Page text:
The time from 3 to 3 1/2 was very difficult with my DD1. So far it hasn't been so hard with my other two, but with DD1, that was a time when she was melting down at least three or four times a day, over things that seemed very insignificant to us, and the meltdowns would last literally until she was collapsing with exhaustion.
It helped me a lot to remember that she owned her own emotions. It wasn't my fault she was screaming. It wasn't my job to stop the screaming. Only she could stop, when she made up her mind that she was ready to stop. My job was to stay calm, and not get caught up in her emotional outburst-- to be a rock that the waves could wash over, so to speak. To show her that no matter how out-of-control her behavior and emotions became, that I loved her unconditionally.
Often, the tantrums arose out of her inability to understand and accept the unavoidable limits of life-- that I couldn't in fact make the rain stop just because she wanted it stopped, that I couldn't make a popped balloon come back to life, I couldn't make her brother and sister not exist just because she was tired of them, or that nobody could make a toy do something it wasn't designed to do. She learned a lot from the experience-- for example, she learned that no matter how hard she screamed, some things just couldn't be changed. It's a hard, hard lesson, but one that every child must learn.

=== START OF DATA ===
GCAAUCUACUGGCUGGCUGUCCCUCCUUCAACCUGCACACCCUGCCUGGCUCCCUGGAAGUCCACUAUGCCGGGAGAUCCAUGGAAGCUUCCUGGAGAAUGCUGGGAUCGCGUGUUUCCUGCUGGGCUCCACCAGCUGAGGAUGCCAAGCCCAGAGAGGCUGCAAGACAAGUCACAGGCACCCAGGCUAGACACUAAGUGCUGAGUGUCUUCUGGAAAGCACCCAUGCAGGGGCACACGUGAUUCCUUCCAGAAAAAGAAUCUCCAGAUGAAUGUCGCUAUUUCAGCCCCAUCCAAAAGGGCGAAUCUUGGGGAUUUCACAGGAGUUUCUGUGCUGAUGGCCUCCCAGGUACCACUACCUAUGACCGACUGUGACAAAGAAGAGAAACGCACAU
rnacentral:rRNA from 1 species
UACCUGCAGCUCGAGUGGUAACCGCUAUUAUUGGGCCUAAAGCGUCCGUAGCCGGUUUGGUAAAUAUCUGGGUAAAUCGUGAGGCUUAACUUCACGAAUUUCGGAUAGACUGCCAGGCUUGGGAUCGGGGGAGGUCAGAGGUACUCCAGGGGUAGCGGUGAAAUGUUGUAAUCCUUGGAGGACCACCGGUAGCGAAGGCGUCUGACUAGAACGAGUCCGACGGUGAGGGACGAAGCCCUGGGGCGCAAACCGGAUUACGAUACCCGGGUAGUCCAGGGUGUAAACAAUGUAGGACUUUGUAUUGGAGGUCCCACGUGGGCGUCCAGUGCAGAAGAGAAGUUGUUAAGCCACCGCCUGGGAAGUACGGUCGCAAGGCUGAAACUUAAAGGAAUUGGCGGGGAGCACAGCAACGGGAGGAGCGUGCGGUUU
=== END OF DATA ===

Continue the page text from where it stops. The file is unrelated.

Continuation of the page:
What I would do, when I saw one coming, was to sit quietly nearby, close enough that she could find me if she needed me. I wouldn't try to get directly involved in helping her stop, though, because that just infuriated her and frustrated me and led to me getting caught up in the drama. I would get busy doing something else, something quiet like reading a magazine or folding laundry, and just wait, very calmly. Sometimes I'd wait a long, long time. When she was finished, I'd be a shoulder to cry on, and we'd talk through what happened. Often she wanted to sleep when the tantrum was over, or lie in bed for awhile. If she got aggressive with me-- hitting, etc.-- I'd quietly walk out of the room.
It gets better. Slowly, over the next few years, the capacity for logical reasoning develops, and some more sophisticated language and more sophisticated emotional control develop, and it gets much easier.
me , he , my three , , and -- and the one we lost